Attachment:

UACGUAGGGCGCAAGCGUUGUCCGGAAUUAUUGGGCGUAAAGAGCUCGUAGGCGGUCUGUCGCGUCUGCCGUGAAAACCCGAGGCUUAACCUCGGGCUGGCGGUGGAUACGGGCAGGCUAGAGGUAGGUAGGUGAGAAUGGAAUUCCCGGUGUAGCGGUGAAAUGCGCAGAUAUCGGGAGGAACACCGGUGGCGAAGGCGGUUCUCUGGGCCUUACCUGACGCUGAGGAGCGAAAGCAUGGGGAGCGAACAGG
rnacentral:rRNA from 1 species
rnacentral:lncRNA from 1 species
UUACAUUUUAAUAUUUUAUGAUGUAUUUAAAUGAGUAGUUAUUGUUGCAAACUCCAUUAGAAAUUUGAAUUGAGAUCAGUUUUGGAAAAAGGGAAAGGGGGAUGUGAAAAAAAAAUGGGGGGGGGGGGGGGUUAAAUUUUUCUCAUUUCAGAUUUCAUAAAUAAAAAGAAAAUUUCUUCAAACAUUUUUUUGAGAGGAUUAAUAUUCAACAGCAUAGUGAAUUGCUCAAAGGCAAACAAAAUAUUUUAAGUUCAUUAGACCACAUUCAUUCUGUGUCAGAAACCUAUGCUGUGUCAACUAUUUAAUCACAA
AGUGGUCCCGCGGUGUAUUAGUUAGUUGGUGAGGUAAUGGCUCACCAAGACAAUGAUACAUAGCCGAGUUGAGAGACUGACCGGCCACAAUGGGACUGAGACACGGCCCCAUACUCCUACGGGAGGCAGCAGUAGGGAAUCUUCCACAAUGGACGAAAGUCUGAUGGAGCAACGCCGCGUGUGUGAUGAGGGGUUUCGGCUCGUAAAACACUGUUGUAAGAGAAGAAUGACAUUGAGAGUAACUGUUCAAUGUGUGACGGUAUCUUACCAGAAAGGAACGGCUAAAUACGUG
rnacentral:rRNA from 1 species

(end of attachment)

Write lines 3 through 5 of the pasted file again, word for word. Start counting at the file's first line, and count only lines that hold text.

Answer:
rnacentral:lncRNA from 1 species
UUACAUUUUAAUAUUUUAUGAUGUAUUUAAAUGAGUAGUUAUUGUUGCAAACUCCAUUAGAAAUUUGAAUUGAGAUCAGUUUUGGAAAAAGGGAAAGGGGGAUGUGAAAAAAAAAUGGGGGGGGGGGGGGGUUAAAUUUUUCUCAUUUCAGAUUUCAUAAAUAAAAAGAAAAUUUCUUCAAACAUUUUUUUGAGAGGAUUAAUAUUCAACAGCAUAGUGAAUUGCUCAAAGGCAAACAAAAUAUUUUAAGUUCAUUAGACCACAUUCAUUCUGUGUCAGAAACCUAUGCUGUGUCAACUAUUUAAUCACAA
AGUGGUCCCGCGGUGUAUUAGUUAGUUGGUGAGGUAAUGGCUCACCAAGACAAUGAUACAUAGCCGAGUUGAGAGACUGACCGGCCACAAUGGGACUGAGACACGGCCCCAUACUCCUACGGGAGGCAGCAGUAGGGAAUCUUCCACAAUGGACGAAAGUCUGAUGGAGCAACGCCGCGUGUGUGAUGAGGGGUUUCGGCUCGUAAAACACUGUUGUAAGAGAAGAAUGACAUUGAGAGUAACUGUUCAAUGUGUGACGGUAUCUUACCAGAAAGGAACGGCUAAAUACGUG